Emens Auditorium will collide with history when "Titanic" sets sail on the stage tonight.
The Broadway musical currently touring the country will make its first appearance at Ball State. The original Broadway run swept the Tony Awards in 1997 taking honors in five categories including Best Musical and Best Score.
Unlike the 1997 James Cameron film "Titanic," which emphasized the romance between a pair of ill-fated lovers, the stage musical focuses on the real people behind the tragedy and the dreams and aspirations of the passengers on board.
"You see people connecting and making relationships, but it deals more with the captain of the ship and his crew, the owner of the White Star Line (which operated the ship) and the designer of the ship," said Marni Kuhn, director of publicity for Big League Theatricals, the show's production company. "It also focuses a lot on the third class passengers coming to America and starting a new life."
Kuhn believes the theme resonates particularly strong right now.
"That's the thing we want to focus on after Sept. 11; about what a great place America is, and how it's the land of opportunity," she said. "Even with all the events that happened that week, we still had standing ovations and packed houses."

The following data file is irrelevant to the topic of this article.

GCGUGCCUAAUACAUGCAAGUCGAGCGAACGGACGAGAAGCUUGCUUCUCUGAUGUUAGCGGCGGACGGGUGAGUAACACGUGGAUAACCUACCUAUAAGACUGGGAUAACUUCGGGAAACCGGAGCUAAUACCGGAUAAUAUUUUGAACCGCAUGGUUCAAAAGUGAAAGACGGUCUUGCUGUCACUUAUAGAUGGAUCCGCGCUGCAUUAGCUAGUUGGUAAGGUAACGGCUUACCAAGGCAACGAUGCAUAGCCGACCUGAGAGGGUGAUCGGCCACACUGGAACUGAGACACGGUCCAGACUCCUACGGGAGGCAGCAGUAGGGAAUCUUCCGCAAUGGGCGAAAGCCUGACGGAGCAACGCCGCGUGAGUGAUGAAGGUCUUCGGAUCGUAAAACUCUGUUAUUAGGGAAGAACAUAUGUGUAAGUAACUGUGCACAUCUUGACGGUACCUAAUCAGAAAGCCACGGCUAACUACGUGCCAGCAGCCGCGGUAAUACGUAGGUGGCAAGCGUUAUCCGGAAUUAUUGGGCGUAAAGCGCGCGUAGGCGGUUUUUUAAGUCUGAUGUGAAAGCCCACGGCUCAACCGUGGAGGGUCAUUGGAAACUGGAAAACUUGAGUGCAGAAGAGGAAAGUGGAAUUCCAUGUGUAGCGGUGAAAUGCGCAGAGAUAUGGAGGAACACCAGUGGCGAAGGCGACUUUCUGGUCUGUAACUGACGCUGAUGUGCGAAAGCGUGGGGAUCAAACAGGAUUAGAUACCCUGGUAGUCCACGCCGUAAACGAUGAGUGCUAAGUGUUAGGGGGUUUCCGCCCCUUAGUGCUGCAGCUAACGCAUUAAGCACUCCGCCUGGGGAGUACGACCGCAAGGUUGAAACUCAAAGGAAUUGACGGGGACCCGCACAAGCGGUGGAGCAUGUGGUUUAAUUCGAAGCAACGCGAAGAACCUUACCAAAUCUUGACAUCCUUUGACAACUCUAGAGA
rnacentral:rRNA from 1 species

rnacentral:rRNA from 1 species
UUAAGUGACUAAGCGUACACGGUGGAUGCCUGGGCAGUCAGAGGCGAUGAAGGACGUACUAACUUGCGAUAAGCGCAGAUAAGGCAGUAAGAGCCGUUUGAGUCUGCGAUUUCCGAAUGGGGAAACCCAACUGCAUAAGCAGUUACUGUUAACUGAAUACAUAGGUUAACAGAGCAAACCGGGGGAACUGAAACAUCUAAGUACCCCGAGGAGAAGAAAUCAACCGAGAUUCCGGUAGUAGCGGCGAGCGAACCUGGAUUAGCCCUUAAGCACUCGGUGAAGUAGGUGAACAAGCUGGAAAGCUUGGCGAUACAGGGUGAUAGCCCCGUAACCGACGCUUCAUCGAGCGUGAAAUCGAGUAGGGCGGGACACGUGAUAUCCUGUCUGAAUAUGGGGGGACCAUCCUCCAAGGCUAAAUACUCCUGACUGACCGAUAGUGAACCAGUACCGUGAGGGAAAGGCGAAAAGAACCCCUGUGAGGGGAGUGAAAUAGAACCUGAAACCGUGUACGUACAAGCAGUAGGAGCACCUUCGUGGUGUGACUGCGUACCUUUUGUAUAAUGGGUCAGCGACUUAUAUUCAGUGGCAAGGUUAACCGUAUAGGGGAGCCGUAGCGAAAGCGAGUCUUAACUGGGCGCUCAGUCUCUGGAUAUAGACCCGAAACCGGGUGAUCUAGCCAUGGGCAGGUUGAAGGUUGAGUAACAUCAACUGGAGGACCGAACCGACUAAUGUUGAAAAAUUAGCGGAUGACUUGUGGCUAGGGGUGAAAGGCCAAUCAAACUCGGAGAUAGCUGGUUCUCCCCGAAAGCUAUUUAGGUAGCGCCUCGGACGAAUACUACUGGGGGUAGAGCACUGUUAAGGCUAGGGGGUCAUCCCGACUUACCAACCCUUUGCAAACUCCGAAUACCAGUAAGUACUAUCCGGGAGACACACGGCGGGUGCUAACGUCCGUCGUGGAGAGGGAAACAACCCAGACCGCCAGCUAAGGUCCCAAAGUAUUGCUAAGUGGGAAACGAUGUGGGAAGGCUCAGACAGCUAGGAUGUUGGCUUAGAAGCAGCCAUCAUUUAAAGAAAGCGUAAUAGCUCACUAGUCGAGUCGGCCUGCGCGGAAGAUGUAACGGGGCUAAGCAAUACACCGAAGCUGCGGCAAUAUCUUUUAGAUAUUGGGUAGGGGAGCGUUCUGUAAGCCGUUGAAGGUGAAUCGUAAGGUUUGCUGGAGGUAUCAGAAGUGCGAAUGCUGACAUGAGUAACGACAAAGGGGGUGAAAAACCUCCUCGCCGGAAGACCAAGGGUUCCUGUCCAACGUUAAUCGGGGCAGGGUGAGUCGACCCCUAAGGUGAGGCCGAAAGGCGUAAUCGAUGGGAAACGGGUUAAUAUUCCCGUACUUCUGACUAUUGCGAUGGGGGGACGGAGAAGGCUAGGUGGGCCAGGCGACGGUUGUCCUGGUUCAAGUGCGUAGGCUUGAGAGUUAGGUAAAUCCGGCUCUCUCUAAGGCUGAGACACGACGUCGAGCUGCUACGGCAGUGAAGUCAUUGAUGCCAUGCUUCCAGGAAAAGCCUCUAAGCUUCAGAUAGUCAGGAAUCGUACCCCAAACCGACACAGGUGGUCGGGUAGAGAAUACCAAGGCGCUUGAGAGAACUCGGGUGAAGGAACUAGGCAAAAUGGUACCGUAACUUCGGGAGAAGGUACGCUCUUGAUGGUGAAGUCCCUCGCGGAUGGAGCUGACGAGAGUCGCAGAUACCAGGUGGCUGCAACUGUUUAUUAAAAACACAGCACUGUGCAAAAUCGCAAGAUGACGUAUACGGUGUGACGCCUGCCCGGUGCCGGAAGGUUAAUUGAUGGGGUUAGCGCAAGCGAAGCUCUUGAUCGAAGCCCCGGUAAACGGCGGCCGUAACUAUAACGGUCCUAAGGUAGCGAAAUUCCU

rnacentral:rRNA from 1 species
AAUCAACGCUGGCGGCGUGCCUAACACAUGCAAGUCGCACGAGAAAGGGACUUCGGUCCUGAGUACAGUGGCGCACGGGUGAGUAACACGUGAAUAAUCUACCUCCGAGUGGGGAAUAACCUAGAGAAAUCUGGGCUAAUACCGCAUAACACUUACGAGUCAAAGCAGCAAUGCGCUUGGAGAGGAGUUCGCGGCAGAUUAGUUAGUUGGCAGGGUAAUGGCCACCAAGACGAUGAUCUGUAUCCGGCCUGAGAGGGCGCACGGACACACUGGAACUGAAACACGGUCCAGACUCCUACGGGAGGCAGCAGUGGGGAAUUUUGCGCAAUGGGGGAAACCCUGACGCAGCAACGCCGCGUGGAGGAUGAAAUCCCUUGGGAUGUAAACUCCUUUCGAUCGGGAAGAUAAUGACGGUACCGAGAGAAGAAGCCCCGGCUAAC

The show opens with Thomas Andrews, the ship's architect, looking over the blueprints. The curtain rises to reveal the docks at Southampton, England, on the morning of April 10, 1912, as the passengers and crew eagerly await to board the great vessel.
Elaborate sets, sounds and lighting recreate the sinking on April 15.
"The set is very grandiose," Emens assistant manager Julie Strider said. "They do have a big ship, but luckily our stage is really large, and we can accommodate the show easily. We don't have to make any special adjustments."
The core characters are presented in groups of three, from the stoker, the lookout and the radioman, who represent common seamen to the Irish girls in steerage, who are at the center of the emigrant class. Each have their own plans and the shows traces those over the five days, until the night when the ship struck the iceberg and made its descent into the sea.
"The idea behind the show is sad," Strider said. "It's a historical tribute. It's a very epic drama that's true to history."
"There are some sad moments, but there are also many exciting moments especially as they sing about coming to America," Kuhn said."You get to see the voyage through the eyes of those people."
Kuhn hopes students can relate to the characters' goals.
"A lot of the show is about dreaming and becoming what you want to be," she said. "That human side has been ringing true everywhere we go."
The show begins at 7:30 tonight. Tickets are $25, $30, $35 and $40 for the general public and free in advance for students.